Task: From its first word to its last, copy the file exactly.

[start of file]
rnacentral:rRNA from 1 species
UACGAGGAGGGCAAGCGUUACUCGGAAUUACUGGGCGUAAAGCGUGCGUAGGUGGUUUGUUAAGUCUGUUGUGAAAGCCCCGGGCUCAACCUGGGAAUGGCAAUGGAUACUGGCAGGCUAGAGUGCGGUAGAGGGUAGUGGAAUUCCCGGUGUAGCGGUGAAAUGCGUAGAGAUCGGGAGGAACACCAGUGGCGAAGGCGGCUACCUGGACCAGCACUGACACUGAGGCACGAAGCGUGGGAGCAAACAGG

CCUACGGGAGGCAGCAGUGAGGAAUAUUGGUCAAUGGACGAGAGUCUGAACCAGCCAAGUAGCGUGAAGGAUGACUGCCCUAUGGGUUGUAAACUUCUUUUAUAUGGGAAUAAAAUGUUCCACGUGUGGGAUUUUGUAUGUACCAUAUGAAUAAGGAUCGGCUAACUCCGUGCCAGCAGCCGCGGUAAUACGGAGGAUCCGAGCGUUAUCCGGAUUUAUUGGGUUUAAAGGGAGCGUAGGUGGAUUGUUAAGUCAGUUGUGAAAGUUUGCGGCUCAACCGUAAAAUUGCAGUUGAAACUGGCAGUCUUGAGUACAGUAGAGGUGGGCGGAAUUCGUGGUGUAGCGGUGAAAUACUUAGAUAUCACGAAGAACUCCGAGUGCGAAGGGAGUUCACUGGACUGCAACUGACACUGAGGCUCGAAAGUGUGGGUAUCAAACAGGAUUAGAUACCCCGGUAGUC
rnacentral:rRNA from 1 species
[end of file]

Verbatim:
rnacentral:rRNA from 1 species
UACGAGGAGGGCAAGCGUUACUCGGAAUUACUGGGCGUAAAGCGUGCGUAGGUGGUUUGUUAAGUCUGUUGUGAAAGCCCCGGGCUCAACCUGGGAAUGGCAAUGGAUACUGGCAGGCUAGAGUGCGGUAGAGGGUAGUGGAAUUCCCGGUGUAGCGGUGAAAUGCGUAGAGAUCGGGAGGAACACCAGUGGCGAAGGCGGCUACCUGGACCAGCACUGACACUGAGGCACGAAGCGUGGGAGCAAACAGG

CCUACGGGAGGCAGCAGUGAGGAAUAUUGGUCAAUGGACGAGAGUCUGAACCAGCCAAGUAGCGUGAAGGAUGACUGCCCUAUGGGUUGUAAACUUCUUUUAUAUGGGAAUAAAAUGUUCCACGUGUGGGAUUUUGUAUGUACCAUAUGAAUAAGGAUCGGCUAACUCCGUGCCAGCAGCCGCGGUAAUACGGAGGAUCCGAGCGUUAUCCGGAUUUAUUGGGUUUAAAGGGAGCGUAGGUGGAUUGUUAAGUCAGUUGUGAAAGUUUGCGGCUCAACCGUAAAAUUGCAGUUGAAACUGGCAGUCUUGAGUACAGUAGAGGUGGGCGGAAUUCGUGGUGUAGCGGUGAAAUACUUAGAUAUCACGAAGAACUCCGAGUGCGAAGGGAGUUCACUGGACUGCAACUGACACUGAGGCUCGAAAGUGUGGGUAUCAAACAGGAUUAGAUACCCCGGUAGUC
rnacentral:rRNA from 1 species